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"Quick to Listen, Slow to Speak"
Toxic Talk and The Virtue of Silence

For Sunday September 16, 2012

Lectionary Readings (Revised Common Lectionary, Year B)

Proverbs 1:20–33 or Isaiah 50:4–9

Psalm 19 or Wisdom of Solomon 7:26–8:1 or Psalm 116:1–9

James 3:1–12

Mark 8:27–38

           Last month my wife began her seventeenth year teaching second grade, and so our dinner conversations have included stories about her new class — cute kids and smart kids, academic challenges and behavior problems, anxious parents and peanut allergies. One girl's story made me cringe. When Melanie wouldn't do her work, my wife asked why. She said, "my dad yelled at me last night 'cause I couldn't go to sleep." Melanie's mother is in jail. A self portrait she drew pictured an angry child with eyes squeezed tight and bared teeth.

           It's a painful example of the power of speech to inflict personal harm.

Monastery Grand Chartreuse.

           And what about our country's political speech? It's hard to imagine anything more vapid or more corrosive to civic life.

           What we say often reveals our lack of wisdom, as when Rep. Todd Akin, who's running for the U.S. Senate, commented on abortion in the case of rape: "From what I understand from doctors, that's really rare. If it's a legitimate rape, the female body has ways to try to shut that whole thing down." What was he thinking? How can someone who is really smart say something so stupid?

           We all have our own memories — words that wound or heal, given and received.

           The epistle of James includes the longest passage in the Bible about the role of speech in the life of a Christian. "We all stumble in many ways," says James; only the person who has "tamed the tongue" can claim Christian maturity. It's not easy. Humanity has tamed the world of nature, James observes, "but no one can tame the tongue."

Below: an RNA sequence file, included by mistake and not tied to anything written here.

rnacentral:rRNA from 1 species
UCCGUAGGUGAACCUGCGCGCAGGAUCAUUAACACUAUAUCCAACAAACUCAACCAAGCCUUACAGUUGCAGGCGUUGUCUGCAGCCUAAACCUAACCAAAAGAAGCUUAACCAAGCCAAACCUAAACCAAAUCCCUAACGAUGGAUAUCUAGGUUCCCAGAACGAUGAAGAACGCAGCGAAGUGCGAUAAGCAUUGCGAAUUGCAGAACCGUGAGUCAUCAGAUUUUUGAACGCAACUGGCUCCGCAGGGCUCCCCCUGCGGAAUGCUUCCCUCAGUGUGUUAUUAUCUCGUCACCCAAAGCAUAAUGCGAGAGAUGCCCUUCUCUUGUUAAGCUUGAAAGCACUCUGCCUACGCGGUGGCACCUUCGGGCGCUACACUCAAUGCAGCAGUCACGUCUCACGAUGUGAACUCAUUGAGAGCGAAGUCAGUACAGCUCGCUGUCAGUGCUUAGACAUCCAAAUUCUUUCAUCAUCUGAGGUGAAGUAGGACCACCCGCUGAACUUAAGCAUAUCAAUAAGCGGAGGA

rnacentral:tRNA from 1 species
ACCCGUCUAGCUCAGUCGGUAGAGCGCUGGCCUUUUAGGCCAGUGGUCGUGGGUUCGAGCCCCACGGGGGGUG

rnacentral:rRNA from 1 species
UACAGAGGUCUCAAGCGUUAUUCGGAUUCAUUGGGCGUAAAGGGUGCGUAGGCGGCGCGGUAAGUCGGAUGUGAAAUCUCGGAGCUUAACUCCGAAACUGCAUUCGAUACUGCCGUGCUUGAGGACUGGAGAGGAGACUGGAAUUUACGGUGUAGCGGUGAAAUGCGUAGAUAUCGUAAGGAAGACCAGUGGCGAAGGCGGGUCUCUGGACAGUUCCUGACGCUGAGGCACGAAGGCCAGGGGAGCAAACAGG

Human speech seems innocent enough. After all, the tongue is such a small part of the body. But its small size belies its powerful influence; James compares it to a bit that controls a horse or a rudder that steers an enormous ship. The tongue can burn like a raging forest fire, he says, incinerating everything that it touches. It corrupts both the subject and object of speech. What we say to one another, James writes, can be "full of deadly poison" that kills.

           What we say can reveal more about us than about the recipient of our speech. The scary part about toxic talk is that it reveals the character of our inner identity. "Out of the overflow of the heart," said Jesus, "the mouth speaks. The good man brings good things out of the good stored up in him, and the evil man brings evil things out of the evil stored up in him. But I tell you that men will have to give account on the day of judgment for every careless word they have spoken. For by your words you will be acquitted, and by your words you will be condemned" (Matthew 12:34–37).

Monastery Grand Chartreuse.
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           With our words we name the world and each other, and in some sense our naming creates a genuine reality. Once our speech and narratives take hold, they have a tremendous power for good or evil. They can exclude or embrace, heal or humiliate, lift up or tear down. How many of us have internalized self-hatred that resulted from repeated criticisms from a parent? How many can still remember a compliment made by an elementary school teacher even though it was made many decades ago? Or who has experienced the futile attempt of over-compensation to prove your self-worth against school yard taunts?

           "With the tongue we praise our Lord and Father, and with it we curse men, who have been made in God's likeness. Out of the same mouth come praise and cursing. My brothers, this should not be. Can both fresh water and salt water flow from the same spring?" James commends a spiritual discipline that's good for our own selves and even better for our neighbor: "Everyone should be quick to listen and slow to speak" (1:19).